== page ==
Welcome to She Said/She Said, where GGC Members are our book reviewers from across Canada sharing their opinions about the book of the month.
This month we take a look at TWO books published by Harper Collins Canada:
October’s book: The Debutantes by Cora Harrison (Young Adult)
November’s book: Starling by Lesley Livingston (Young Adult)
October book: The Debutantes by Cora Harrison
She Said: Megan, Contact Guider
The Debutantes by Cora Harrison is the story of four teenage sisters living in 1920s rural England who, though daughters of an earl, have very little money. They all long for different futures: to be an author, a jazz musician, a film maker, and a debutante. But all of their dreams rely on the eldest finding a way to have a season in society and finding a wealthy husband.
When the girls arrive in London for a party they stand out from the other society girls. The girls they meet have their lives laid out for them; their parents will pay for balls and dresses for their season and then they will find good husbands who will provide for them. The Derrington girls, on the other hand, have dreams of their own. Even Violet, who longs to be a debutante, struggles with wanting to make a good match so as to provide for her sisters, and choosing true love. There’s a strong sense of girl power in this novel. The girls have dreams, several of which are in male-oriented fields, but they don’t let anything stop them from achieving them. With little help from their family, they make their own destinies.
Personally, I would have liked to have seen Violet succeed in her season without the help of their mysterious, rich aunt. I found it more empowering to see the girls welcomed into society in dresses that they found and altered themselves, than after their aunt started providing for them. I also found that the tone seemed a little young for girls of sixteen and eighteen, but that didn’t detract from my enjoyment of the story.
Overall, The Debutantes is an enjoyable story about living a high society life while dreaming for a different future and the importance of family over money and a comfortable life. It shows that anything is possible if you’ve got enough nerve to go after it.
——- Meghan is in her fourth year at the University of Guelph in Guelph, ON and is the Contact Guider for the 2nd Guelph Sparks.
November book: Starling by Lesley Livingston
She Said: Guider Katie Bronn,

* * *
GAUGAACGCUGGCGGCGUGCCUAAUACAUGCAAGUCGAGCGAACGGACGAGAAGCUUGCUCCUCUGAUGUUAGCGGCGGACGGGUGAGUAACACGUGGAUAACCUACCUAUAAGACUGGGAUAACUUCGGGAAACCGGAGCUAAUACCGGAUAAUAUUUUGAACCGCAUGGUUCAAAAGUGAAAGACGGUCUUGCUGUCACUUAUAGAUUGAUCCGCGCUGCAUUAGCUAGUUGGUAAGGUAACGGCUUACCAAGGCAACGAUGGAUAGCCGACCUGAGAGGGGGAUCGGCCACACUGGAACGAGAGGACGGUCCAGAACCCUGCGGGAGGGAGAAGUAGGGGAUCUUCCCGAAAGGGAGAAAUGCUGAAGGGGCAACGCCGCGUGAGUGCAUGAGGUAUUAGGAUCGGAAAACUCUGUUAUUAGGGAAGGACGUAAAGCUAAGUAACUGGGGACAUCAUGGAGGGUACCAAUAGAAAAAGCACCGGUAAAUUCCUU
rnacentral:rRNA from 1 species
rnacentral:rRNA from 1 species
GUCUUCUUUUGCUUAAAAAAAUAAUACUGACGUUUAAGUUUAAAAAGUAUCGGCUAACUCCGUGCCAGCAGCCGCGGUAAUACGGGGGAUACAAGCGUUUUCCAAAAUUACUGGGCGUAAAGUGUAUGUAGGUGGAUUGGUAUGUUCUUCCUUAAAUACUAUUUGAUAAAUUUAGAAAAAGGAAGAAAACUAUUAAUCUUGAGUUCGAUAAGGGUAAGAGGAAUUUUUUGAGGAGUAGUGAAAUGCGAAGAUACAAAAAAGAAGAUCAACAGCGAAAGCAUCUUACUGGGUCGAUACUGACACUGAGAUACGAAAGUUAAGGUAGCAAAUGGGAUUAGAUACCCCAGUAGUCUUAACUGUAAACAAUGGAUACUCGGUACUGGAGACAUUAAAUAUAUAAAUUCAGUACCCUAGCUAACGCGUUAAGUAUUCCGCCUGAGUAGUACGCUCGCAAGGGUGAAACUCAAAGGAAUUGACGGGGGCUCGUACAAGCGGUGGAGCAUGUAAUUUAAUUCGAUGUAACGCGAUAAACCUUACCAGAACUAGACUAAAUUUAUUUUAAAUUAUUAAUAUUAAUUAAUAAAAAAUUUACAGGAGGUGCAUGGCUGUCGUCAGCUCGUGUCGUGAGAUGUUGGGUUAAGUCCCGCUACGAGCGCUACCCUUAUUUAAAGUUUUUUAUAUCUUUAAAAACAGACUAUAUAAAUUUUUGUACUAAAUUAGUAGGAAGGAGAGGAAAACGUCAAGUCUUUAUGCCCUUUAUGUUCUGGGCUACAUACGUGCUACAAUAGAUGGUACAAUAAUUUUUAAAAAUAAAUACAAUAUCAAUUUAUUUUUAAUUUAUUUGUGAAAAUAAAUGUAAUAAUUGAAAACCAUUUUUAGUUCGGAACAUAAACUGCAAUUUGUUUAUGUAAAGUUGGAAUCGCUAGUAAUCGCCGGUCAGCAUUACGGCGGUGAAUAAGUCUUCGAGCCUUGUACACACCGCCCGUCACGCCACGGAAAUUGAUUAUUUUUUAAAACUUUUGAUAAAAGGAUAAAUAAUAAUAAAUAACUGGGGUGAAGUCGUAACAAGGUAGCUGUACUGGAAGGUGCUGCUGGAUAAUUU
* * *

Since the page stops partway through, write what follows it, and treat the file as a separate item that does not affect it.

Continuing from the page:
6 Welland Sparks, Welland, ON
When I first started reading Lesley Livingston’s Starling, I wasn’t sure I was going to like it. It took me a while to get through the first few pages but after that, I could not wait to pick it up again and find out what happened next to Mason, the story’s main protagonist.
I love reading books where history and the present collide. In Starling, Livingston pairs the present world with the long ago legends of the Norse Viking gods, and intertwines them to make a fascinating tale.
The story focuses on the main character, Mason, as she finds her entire life twisted upside down after an unbelievable experience after her fencing practice at her school. This new boy, Fennrys Wolf appears in her life and she seems drawn to him, even though he cannot remember anything about himself.
At the beginning of the book, we see Mason kind of just going through the motions with life. She doesn’t have many friends, has some enemies, and is dedicated to the sport of fencing, just not letting herself relax enough to become really good at it. As the story progresses, we see Mason break free from her role as being a passive actor in her life, and begin trying and experiencing new things. She finds a friend in her long time enemy, a stranger in her once upon a time crush and a new relationship with the stranger that crashed through the ceiling.
Livingston ends the story with a mean cliff-hanger, and I cannot wait to pick up the next book of the series to find out what happens to Mason and Fennrys next!
She Said: Guider Cathie Etzl
I would put this book Under Arts and Culture heading and it is very suitable for young adults. The book is about the Fairy world. I enjoyed the book, characters and the story surrounding the characters. Although I enjoyed the book, I felt I would have enjoyed it more in my late teens or early twenties as it was the type of book I would have read at that time. My 17-year-old daughter was anxious to get the book when I had finished it and is now enjoying it. She will be lending it to a friend of hers when she finishes it as my daughter feels the friend will also enjoy it. It is a good read. The characters are interesting and the plot is enjoyable and very easy to follow. I have read the three previous books by this author and will be reading others written by her.